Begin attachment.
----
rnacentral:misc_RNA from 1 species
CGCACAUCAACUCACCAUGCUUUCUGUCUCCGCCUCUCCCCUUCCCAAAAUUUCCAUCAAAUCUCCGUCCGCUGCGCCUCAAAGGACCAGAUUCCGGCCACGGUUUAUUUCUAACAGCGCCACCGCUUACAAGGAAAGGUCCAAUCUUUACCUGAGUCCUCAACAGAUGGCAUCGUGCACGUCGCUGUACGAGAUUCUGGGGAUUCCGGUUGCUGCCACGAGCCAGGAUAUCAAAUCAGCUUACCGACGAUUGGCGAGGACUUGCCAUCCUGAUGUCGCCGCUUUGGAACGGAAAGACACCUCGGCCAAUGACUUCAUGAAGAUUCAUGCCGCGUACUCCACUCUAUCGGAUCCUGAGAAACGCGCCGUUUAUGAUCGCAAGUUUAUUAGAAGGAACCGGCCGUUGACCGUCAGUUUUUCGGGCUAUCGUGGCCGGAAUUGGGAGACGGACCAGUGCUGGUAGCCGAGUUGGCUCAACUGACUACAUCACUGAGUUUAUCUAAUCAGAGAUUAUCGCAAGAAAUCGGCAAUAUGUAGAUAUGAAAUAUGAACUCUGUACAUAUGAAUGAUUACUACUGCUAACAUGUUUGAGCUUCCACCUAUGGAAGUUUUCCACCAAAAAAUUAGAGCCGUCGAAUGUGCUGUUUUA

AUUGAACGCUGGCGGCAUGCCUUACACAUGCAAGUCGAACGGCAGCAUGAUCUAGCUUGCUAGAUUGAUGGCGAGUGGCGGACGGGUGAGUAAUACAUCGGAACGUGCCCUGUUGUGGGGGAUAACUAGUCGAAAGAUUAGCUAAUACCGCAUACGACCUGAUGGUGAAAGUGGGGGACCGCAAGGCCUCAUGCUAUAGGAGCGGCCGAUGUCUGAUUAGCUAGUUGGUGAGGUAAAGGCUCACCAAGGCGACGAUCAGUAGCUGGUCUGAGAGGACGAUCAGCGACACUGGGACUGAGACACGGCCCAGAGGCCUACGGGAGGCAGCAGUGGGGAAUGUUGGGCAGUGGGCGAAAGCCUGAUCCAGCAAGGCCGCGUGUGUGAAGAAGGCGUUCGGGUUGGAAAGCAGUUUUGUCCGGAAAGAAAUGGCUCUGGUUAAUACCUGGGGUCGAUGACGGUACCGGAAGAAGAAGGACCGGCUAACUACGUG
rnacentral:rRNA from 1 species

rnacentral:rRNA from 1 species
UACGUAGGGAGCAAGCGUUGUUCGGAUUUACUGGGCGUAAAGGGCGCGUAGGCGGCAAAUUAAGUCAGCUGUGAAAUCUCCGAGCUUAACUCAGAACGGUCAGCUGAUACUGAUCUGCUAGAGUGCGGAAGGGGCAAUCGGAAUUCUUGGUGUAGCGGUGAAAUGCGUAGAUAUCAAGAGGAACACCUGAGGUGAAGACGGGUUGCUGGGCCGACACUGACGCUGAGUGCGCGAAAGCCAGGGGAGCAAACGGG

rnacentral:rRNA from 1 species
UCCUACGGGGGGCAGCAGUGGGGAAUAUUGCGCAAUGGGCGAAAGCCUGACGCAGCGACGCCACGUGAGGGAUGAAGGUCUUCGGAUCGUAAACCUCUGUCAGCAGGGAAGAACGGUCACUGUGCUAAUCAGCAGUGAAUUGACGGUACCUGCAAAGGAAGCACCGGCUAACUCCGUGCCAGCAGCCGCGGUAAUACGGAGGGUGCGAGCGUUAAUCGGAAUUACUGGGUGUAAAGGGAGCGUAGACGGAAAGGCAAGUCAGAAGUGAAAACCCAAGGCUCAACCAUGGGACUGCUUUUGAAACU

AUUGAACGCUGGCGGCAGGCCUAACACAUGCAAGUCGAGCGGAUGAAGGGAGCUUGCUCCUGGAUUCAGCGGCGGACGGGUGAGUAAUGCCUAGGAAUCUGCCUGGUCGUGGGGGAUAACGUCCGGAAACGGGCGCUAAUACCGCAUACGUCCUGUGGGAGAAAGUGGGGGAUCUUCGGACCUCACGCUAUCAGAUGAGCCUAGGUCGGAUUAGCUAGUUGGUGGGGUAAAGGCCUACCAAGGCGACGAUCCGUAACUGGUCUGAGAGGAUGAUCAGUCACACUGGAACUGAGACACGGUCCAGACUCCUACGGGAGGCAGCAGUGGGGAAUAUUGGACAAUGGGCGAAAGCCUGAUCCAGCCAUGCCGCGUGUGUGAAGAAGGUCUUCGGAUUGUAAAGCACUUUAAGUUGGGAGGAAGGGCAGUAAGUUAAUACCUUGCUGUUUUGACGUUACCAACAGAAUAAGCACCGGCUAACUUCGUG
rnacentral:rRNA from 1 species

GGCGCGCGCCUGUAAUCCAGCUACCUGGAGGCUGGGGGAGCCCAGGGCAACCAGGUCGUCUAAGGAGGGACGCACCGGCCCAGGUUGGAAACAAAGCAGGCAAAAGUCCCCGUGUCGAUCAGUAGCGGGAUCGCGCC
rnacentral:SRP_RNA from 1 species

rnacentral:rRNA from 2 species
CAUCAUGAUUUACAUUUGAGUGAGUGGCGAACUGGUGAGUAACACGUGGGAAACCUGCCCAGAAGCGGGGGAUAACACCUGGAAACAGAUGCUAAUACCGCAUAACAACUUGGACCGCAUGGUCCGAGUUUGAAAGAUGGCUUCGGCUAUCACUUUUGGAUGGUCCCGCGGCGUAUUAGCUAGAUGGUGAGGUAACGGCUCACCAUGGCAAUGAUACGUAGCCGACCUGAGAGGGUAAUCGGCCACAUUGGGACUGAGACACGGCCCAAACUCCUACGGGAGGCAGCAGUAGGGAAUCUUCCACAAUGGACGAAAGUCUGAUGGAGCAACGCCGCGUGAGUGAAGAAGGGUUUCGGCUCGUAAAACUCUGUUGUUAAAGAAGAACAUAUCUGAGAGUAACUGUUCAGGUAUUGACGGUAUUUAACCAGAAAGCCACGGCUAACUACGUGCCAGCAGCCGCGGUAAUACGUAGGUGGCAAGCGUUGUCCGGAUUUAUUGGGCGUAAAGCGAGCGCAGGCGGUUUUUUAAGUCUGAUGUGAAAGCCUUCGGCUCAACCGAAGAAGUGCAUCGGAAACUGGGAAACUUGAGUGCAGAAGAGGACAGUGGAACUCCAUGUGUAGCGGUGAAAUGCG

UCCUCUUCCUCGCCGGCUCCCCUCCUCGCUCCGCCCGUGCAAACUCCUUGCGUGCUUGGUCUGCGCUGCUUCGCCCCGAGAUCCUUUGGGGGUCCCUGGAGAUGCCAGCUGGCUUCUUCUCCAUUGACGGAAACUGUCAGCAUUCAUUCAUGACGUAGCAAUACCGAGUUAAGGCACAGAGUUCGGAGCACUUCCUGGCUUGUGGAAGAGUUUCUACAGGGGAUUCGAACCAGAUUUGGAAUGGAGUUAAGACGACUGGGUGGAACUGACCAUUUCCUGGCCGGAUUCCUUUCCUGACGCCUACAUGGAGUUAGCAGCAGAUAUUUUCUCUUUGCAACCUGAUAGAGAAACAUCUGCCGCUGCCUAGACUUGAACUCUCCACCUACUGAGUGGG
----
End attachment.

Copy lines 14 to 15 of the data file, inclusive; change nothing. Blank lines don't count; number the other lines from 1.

CAUCAUGAUUUACAUUUGAGUGAGUGGCGAACUGGUGAGUAACACGUGGGAAACCUGCCCAGAAGCGGGGGAUAACACCUGGAAACAGAUGCUAAUACCGCAUAACAACUUGGACCGCAUGGUCCGAGUUUGAAAGAUGGCUUCGGCUAUCACUUUUGGAUGGUCCCGCGGCGUAUUAGCUAGAUGGUGAGGUAACGGCUCACCAUGGCAAUGAUACGUAGCCGACCUGAGAGGGUAAUCGGCCACAUUGGGACUGAGACACGGCCCAAACUCCUACGGGAGGCAGCAGUAGGGAAUCUUCCACAAUGGACGAAAGUCUGAUGGAGCAACGCCGCGUGAGUGAAGAAGGGUUUCGGCUCGUAAAACUCUGUUGUUAAAGAAGAACAUAUCUGAGAGUAACUGUUCAGGUAUUGACGGUAUUUAACCAGAAAGCCACGGCUAACUACGUGCCAGCAGCCGCGGUAAUACGUAGGUGGCAAGCGUUGUCCGGAUUUAUUGGGCGUAAAGCGAGCGCAGGCGGUUUUUUAAGUCUGAUGUGAAAGCCUUCGGCUCAACCGAAGAAGUGCAUCGGAAACUGGGAAACUUGAGUGCAGAAGAGGACAGUGGAACUCCAUGUGUAGCGGUGAAAUGCG

UCCUCUUCCUCGCCGGCUCCCCUCCUCGCUCCGCCCGUGCAAACUCCUUGCGUGCUUGGUCUGCGCUGCUUCGCCCCGAGAUCCUUUGGGGGUCCCUGGAGAUGCCAGCUGGCUUCUUCUCCAUUGACGGAAACUGUCAGCAUUCAUUCAUGACGUAGCAAUACCGAGUUAAGGCACAGAGUUCGGAGCACUUCCUGGCUUGUGGAAGAGUUUCUACAGGGGAUUCGAACCAGAUUUGGAAUGGAGUUAAGACGACUGGGUGGAACUGACCAUUUCCUGGCCGGAUUCCUUUCCUGACGCCUACAUGGAGUUAGCAGCAGAUAUUUUCUCUUUGCAACCUGAUAGAGAAACAUCUGCCGCUGCCUAGACUUGAACUCUCCACCUACUGAGUGGG